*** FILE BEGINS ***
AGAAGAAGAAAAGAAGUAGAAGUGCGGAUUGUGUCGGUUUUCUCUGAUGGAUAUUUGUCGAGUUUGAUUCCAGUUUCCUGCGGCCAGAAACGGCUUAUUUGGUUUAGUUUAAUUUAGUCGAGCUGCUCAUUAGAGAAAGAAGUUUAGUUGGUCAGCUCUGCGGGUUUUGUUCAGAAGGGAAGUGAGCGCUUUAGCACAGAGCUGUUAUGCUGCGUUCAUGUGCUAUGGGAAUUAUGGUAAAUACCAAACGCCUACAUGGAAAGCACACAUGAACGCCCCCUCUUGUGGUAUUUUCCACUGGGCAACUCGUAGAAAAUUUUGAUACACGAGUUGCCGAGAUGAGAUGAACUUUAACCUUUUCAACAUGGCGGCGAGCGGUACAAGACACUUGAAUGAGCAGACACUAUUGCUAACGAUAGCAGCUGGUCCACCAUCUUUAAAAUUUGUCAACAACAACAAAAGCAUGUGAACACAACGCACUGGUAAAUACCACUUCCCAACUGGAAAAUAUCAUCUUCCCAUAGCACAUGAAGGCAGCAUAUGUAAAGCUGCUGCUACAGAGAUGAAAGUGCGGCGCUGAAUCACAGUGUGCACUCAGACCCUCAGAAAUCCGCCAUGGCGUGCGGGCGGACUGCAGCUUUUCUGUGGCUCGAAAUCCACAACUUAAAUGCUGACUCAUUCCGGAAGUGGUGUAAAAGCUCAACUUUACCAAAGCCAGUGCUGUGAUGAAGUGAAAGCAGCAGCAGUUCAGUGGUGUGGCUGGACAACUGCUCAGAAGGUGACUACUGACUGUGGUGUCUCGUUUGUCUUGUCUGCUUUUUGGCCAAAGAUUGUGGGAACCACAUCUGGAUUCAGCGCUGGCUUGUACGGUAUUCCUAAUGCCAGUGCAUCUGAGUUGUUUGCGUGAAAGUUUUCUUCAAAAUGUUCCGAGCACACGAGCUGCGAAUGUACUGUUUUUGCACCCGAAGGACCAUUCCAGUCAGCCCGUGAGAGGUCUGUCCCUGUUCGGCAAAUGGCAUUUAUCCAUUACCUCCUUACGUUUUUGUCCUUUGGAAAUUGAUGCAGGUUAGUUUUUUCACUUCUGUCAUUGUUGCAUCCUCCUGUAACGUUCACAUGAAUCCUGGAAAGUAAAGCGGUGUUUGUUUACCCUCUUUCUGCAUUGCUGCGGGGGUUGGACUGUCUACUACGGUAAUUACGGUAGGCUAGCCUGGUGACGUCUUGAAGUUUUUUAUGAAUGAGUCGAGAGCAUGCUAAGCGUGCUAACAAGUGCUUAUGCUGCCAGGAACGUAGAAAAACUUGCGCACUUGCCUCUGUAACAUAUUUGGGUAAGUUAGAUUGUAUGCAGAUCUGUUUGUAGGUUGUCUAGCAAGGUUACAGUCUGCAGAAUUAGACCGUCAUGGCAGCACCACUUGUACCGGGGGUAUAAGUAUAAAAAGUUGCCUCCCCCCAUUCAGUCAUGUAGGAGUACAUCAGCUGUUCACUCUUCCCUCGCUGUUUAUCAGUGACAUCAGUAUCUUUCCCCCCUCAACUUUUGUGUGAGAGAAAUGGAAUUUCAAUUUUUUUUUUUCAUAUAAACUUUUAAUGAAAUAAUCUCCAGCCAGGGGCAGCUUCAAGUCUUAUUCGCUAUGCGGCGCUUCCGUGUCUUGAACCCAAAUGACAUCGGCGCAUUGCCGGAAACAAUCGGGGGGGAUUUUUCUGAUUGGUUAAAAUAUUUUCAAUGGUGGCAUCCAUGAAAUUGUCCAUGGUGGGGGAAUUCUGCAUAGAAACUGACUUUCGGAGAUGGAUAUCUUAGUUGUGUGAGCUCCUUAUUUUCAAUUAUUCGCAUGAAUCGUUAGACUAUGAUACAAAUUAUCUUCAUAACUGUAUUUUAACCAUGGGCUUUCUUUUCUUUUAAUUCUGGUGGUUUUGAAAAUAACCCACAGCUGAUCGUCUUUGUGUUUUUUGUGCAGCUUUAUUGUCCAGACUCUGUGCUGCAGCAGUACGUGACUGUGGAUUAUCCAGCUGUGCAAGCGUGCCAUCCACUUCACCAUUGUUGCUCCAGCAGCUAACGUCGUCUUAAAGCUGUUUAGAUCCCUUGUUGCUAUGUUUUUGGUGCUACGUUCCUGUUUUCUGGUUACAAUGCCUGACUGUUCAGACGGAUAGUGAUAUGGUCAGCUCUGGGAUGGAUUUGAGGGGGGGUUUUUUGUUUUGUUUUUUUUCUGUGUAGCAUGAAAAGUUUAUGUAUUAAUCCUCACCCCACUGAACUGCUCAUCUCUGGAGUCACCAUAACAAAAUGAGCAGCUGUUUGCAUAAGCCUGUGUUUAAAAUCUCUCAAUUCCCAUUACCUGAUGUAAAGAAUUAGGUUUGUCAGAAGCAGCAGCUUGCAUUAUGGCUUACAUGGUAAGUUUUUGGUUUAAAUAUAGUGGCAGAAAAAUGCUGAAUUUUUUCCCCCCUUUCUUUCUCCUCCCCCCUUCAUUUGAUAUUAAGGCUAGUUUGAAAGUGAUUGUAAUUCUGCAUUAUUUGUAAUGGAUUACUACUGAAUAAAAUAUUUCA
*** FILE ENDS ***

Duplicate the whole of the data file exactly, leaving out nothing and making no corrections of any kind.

AGAAGAAGAAAAGAAGUAGAAGUGCGGAUUGUGUCGGUUUUCUCUGAUGGAUAUUUGUCGAGUUUGAUUCCAGUUUCCUGCGGCCAGAAACGGCUUAUUUGGUUUAGUUUAAUUUAGUCGAGCUGCUCAUUAGAGAAAGAAGUUUAGUUGGUCAGCUCUGCGGGUUUUGUUCAGAAGGGAAGUGAGCGCUUUAGCACAGAGCUGUUAUGCUGCGUUCAUGUGCUAUGGGAAUUAUGGUAAAUACCAAACGCCUACAUGGAAAGCACACAUGAACGCCCCCUCUUGUGGUAUUUUCCACUGGGCAACUCGUAGAAAAUUUUGAUACACGAGUUGCCGAGAUGAGAUGAACUUUAACCUUUUCAACAUGGCGGCGAGCGGUACAAGACACUUGAAUGAGCAGACACUAUUGCUAACGAUAGCAGCUGGUCCACCAUCUUUAAAAUUUGUCAACAACAACAAAAGCAUGUGAACACAACGCACUGGUAAAUACCACUUCCCAACUGGAAAAUAUCAUCUUCCCAUAGCACAUGAAGGCAGCAUAUGUAAAGCUGCUGCUACAGAGAUGAAAGUGCGGCGCUGAAUCACAGUGUGCACUCAGACCCUCAGAAAUCCGCCAUGGCGUGCGGGCGGACUGCAGCUUUUCUGUGGCUCGAAAUCCACAACUUAAAUGCUGACUCAUUCCGGAAGUGGUGUAAAAGCUCAACUUUACCAAAGCCAGUGCUGUGAUGAAGUGAAAGCAGCAGCAGUUCAGUGGUGUGGCUGGACAACUGCUCAGAAGGUGACUACUGACUGUGGUGUCUCGUUUGUCUUGUCUGCUUUUUGGCCAAAGAUUGUGGGAACCACAUCUGGAUUCAGCGCUGGCUUGUACGGUAUUCCUAAUGCCAGUGCAUCUGAGUUGUUUGCGUGAAAGUUUUCUUCAAAAUGUUCCGAGCACACGAGCUGCGAAUGUACUGUUUUUGCACCCGAAGGACCAUUCCAGUCAGCCCGUGAGAGGUCUGUCCCUGUUCGGCAAAUGGCAUUUAUCCAUUACCUCCUUACGUUUUUGUCCUUUGGAAAUUGAUGCAGGUUAGUUUUUUCACUUCUGUCAUUGUUGCAUCCUCCUGUAACGUUCACAUGAAUCCUGGAAAGUAAAGCGGUGUUUGUUUACCCUCUUUCUGCAUUGCUGCGGGGGUUGGACUGUCUACUACGGUAAUUACGGUAGGCUAGCCUGGUGACGUCUUGAAGUUUUUUAUGAAUGAGUCGAGAGCAUGCUAAGCGUGCUAACAAGUGCUUAUGCUGCCAGGAACGUAGAAAAACUUGCGCACUUGCCUCUGUAACAUAUUUGGGUAAGUUAGAUUGUAUGCAGAUCUGUUUGUAGGUUGUCUAGCAAGGUUACAGUCUGCAGAAUUAGACCGUCAUGGCAGCACCACUUGUACCGGGGGUAUAAGUAUAAAAAGUUGCCUCCCCCCAUUCAGUCAUGUAGGAGUACAUCAGCUGUUCACUCUUCCCUCGCUGUUUAUCAGUGACAUCAGUAUCUUUCCCCCCUCAACUUUUGUGUGAGAGAAAUGGAAUUUCAAUUUUUUUUUUUCAUAUAAACUUUUAAUGAAAUAAUCUCCAGCCAGGGGCAGCUUCAAGUCUUAUUCGCUAUGCGGCGCUUCCGUGUCUUGAACCCAAAUGACAUCGGCGCAUUGCCGGAAACAAUCGGGGGGGAUUUUUCUGAUUGGUUAAAAUAUUUUCAAUGGUGGCAUCCAUGAAAUUGUCCAUGGUGGGGGAAUUCUGCAUAGAAACUGACUUUCGGAGAUGGAUAUCUUAGUUGUGUGAGCUCCUUAUUUUCAAUUAUUCGCAUGAAUCGUUAGACUAUGAUACAAAUUAUCUUCAUAACUGUAUUUUAACCAUGGGCUUUCUUUUCUUUUAAUUCUGGUGGUUUUGAAAAUAACCCACAGCUGAUCGUCUUUGUGUUUUUUGUGCAGCUUUAUUGUCCAGACUCUGUGCUGCAGCAGUACGUGACUGUGGAUUAUCCAGCUGUGCAAGCGUGCCAUCCACUUCACCAUUGUUGCUCCAGCAGCUAACGUCGUCUUAAAGCUGUUUAGAUCCCUUGUUGCUAUGUUUUUGGUGCUACGUUCCUGUUUUCUGGUUACAAUGCCUGACUGUUCAGACGGAUAGUGAUAUGGUCAGCUCUGGGAUGGAUUUGAGGGGGGGUUUUUUGUUUUGUUUUUUUUCUGUGUAGCAUGAAAAGUUUAUGUAUUAAUCCUCACCCCACUGAACUGCUCAUCUCUGGAGUCACCAUAACAAAAUGAGCAGCUGUUUGCAUAAGCCUGUGUUUAAAAUCUCUCAAUUCCCAUUACCUGAUGUAAAGAAUUAGGUUUGUCAGAAGCAGCAGCUUGCAUUAUGGCUUACAUGGUAAGUUUUUGGUUUAAAUAUAGUGGCAGAAAAAUGCUGAAUUUUUUCCCCCCUUUCUUUCUCCUCCCCCCUUCAUUUGAUAUUAAGGCUAGUUUGAAAGUGAUUGUAAUUCUGCAUUAUUUGUAAUGGAUUACUACUGAAUAAAAUAUUUCA